How to make a MOOC

We are about a month away from launching our two courses, Ideas of the 20th Century and Age of Globalization in the edX platform. My role is a combination cheerleader, advocate, dreamer, learner, fundraiser, marketer, promoter and producer, and sometimes project task master. All of our roles in this venture have been in flux; although we worked very hard to define them in the onset in written form with frequent verbal confirmation. At the center are our faculty, John Hoberman and Daniel Bonevac, who are truly the guiding authors of these courses and who are investing a tremendous amount of themselves in this effort. There are at least a dozen people working on our courses at any given time; with many more giving support from the top down and coming in and out of the picture on a periodic basis. Making a showcase xMOOC is clearly a massive effort.

This past week has been all about file management. If you ever have produced anything on the web, you know how important clear file naming conventions are. When you have multiple people working on a multiple projects, each with literally thousands of digital assets, if you can’t determine what is what and what goes where, you can’t separate the work load in such a way that people can be working on parallel tracks at the same time. In the past, we’ve had much more time to develop online course materials. Because our team at LAITS has been doing this type of work with faculty for over 10 years, we were ready to take on this challenge, even though we weren’t really expecting it.

Each course has an average of 60 9-to-13 minute original instructional videos custom created over the past 5 months. They all need to be shot, edited, enhanced with visuals, and transcribed for captioning. These aren’t lecture capture from a classroom (although both our faculty have been teaching these subjects in the classroom for many years). They’ve been completely re-imagined for this format. There will also be hundreds of quiz questions, in sets of 3 for self-assessment for each video, plus more challenging questions for evaluative assessment. Plus, there are various readings, discussion, and essay questions with rubrics that need to be compiled into the still very new edX learning management platform. And the instructional teams who will be deploying the courses in the Fall need time to get familiar with the content and the software so that they can support the faculty who will be delivering the course.

We’re very much on target to deliver these courses starting September 1. Looking back, there are a few lessons from a pure project point of view that could be learned:

  1. The adjustment for faculty from working independently or with one or two Teaching Assistants to working with a large team of professional instructional technologists is immense. You have to create a very strong atmosphere of trust, and you have to communicate roles, timelines and expectations very clearly, and revisit them frequently.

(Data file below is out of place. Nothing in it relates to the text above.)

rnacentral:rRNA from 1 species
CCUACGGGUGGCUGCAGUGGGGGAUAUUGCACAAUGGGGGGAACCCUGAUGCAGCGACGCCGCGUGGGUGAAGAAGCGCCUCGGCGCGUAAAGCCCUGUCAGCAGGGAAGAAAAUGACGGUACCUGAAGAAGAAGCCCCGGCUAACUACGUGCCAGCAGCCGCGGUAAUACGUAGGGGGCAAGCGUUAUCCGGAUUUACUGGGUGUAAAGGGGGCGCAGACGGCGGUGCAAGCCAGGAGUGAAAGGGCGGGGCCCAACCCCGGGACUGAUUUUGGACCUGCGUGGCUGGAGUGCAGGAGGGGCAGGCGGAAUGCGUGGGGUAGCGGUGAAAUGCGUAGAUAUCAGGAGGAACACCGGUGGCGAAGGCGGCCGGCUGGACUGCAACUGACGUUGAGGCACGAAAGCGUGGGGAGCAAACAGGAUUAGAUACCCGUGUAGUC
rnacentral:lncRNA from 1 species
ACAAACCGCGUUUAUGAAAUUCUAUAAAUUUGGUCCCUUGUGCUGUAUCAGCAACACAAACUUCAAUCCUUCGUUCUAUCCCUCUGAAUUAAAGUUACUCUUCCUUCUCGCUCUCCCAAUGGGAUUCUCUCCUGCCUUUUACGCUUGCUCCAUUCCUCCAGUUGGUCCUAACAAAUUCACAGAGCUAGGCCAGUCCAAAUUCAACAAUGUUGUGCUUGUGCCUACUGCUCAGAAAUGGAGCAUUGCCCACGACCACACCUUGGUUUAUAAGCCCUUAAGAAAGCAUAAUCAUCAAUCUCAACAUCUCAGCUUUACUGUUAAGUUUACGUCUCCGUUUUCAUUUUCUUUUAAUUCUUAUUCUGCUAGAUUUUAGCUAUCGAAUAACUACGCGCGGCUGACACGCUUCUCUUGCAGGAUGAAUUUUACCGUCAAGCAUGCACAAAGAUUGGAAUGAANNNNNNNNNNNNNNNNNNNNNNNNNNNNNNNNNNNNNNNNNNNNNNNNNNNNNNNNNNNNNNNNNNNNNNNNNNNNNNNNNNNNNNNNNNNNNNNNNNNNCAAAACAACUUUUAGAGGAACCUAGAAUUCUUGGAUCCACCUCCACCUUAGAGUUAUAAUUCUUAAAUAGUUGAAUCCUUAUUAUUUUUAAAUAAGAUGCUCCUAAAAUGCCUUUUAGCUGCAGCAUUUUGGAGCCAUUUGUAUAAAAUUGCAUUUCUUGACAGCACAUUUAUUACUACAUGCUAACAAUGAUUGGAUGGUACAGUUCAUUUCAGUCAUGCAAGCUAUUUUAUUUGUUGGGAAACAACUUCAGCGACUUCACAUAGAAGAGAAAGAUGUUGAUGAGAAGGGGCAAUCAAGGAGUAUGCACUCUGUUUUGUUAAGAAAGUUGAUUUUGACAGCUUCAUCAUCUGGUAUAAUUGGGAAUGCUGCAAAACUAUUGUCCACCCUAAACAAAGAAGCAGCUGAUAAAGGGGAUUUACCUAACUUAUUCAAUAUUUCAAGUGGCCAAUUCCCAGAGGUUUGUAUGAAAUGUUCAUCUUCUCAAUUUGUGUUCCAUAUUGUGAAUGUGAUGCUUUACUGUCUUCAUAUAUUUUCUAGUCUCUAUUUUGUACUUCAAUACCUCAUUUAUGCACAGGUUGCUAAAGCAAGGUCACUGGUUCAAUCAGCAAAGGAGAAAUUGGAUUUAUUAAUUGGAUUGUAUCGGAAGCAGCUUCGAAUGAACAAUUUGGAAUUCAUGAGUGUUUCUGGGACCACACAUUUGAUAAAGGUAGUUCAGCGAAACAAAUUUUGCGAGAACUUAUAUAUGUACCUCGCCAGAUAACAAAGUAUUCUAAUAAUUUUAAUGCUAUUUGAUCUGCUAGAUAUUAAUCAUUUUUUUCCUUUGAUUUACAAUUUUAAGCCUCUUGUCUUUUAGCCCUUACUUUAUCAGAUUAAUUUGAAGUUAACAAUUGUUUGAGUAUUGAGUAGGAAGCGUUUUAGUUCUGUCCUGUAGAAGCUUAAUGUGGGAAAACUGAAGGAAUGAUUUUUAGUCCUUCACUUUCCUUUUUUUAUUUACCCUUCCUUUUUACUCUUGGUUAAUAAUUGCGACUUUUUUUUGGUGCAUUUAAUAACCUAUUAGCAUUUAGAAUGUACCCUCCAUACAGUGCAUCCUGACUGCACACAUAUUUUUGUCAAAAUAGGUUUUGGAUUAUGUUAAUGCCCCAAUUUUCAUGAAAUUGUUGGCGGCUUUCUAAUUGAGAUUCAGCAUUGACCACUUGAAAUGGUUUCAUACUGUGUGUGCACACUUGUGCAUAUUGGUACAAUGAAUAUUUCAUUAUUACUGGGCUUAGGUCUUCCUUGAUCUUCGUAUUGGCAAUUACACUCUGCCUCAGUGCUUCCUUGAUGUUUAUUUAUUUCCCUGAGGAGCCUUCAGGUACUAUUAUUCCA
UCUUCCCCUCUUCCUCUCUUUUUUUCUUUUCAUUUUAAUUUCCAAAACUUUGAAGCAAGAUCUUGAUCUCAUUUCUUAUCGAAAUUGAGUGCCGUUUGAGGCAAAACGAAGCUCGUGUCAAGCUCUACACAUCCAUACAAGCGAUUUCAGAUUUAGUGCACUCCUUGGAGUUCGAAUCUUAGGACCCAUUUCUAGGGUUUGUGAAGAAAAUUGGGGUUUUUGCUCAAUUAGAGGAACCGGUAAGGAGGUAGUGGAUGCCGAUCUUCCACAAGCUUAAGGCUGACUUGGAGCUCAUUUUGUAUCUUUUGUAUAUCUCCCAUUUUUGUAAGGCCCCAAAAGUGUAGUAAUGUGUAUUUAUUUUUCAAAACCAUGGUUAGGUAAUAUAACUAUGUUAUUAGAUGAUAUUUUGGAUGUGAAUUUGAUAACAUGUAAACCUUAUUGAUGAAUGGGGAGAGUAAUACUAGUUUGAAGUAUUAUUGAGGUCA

2. While we had lots and lots of planning sessions, we would have benefited from more detailed pre-scripting of the content; at least in a project level. It was very important this first time for the professors to have the freedom to rewrite on the fly in the studio and to be involved hands on in the editing process, even though it takes extra time. If they were to do another course in the future, I think we all could better prepare from what we know now.

But of course, these are true of just about any new endeavor. As my personal background includes a lot of emphasis on the creation of new work in the arts, I’m okay with this level of uncertainty in roles. I do think that every project, even our two courses, are completely unique. But change makes some people uncomfortable: like giving actors new lines the day before opening. Still, I feel we have developed shared vision for what is going to make these particularly courses good; for the faculty, it’s for students to understand and apply a certain set of content and concepts that they are presenting in quite original treatments. For us as the production staff, it’s that the material reflects this vision and “works” to keep the students engaged.

Our primary metric of success for these MOOCs is that 15% or more of the students enrolled complete the course. With over 40,000 students already, that would be over 6000 students earning their certificate of completion from edX. Wouldn’t that be awesome?

You could look at this entire project as an empirical experiment. If we achieve our goal, what are the methods and modalities of instruction that contributed to our success? What variables are at play? If we don’t succeed, what might we change to make it better in the future? There is so much data that’s going to be available…

Making a MOOC right now is a lot like making an experimental research study. It seems wise, for the moment, to approach the innovation of technology enhanced teaching in this way.